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NZ: Kiwifruit Claim evidence nears end
The defence has had a minor setback in the Kiwifruit Claim proceedings in the New Zealand High Court in Wellington.
Crown witness, David Yard was recalled to answer questions about a 2013 document where the Ministry of Primary Industries recorded a concern about improved testing processes. The MPI had sought to claim privilege over this document but Judge Jillian Mallon ultimately agreed that the plaintiffs could introduce it into evidence. Last week, the Court ruled against the Crown that it had to release details of the MPI's liability insurance cover relating to this case.
Photo: Vines from first plaintiff, Strathboss Kiwifruit Ltd
It is the final full week of evidence before closing arguments in the case involving 212 claimants who are seeking accountability and compensation from the Government and MPI for over NZ$376m of losses suffered in the incident. The defence have denied these claims, arguing all of their actions were appropriate to knowledge available at the time.
The court heard from two experts on statistics including Dr James Curran who is a Professor of Statistics at University of Auckland. He provided evidence on behalf of the plaintiffs. His scope was the statistically probable date at which Psa first began reproducing in New Zealand, based on the rate of genetic mutation over time.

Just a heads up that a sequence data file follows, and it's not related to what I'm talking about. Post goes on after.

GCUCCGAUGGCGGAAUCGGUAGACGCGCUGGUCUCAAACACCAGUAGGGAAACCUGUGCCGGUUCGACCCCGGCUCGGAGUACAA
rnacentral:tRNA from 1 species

While for the defence, David Bryant gave comment on the robustness of methodology used by Dr Curran, as a Professor of Mathematics, University of Otago. He disagrees with the methods of analysis used by Professor Curran to analyse the genetic data, saying they are inappropriate and his evidence should be rejected.
The DNA topic also carried over from last week, with Joel Vanneste appearing for the defence as Senior Scientist at the New Zealand Institute for Plant and Food Research Limited, giving evidence regarding his involvement and research into both the Italian and New Zealand Psa outbreaks, and the response. He also gave expert opinion on the evolution of knowledge and scientific publications about Psa over time, as well as taxonomy of Psa, including the evolution of knowledge of different biovars (strains). He also scrutinised the plaintiffs’ possible pathways of infection and Psa transmission in pollen.
Closing arguments are scheduled to start Tuesday.
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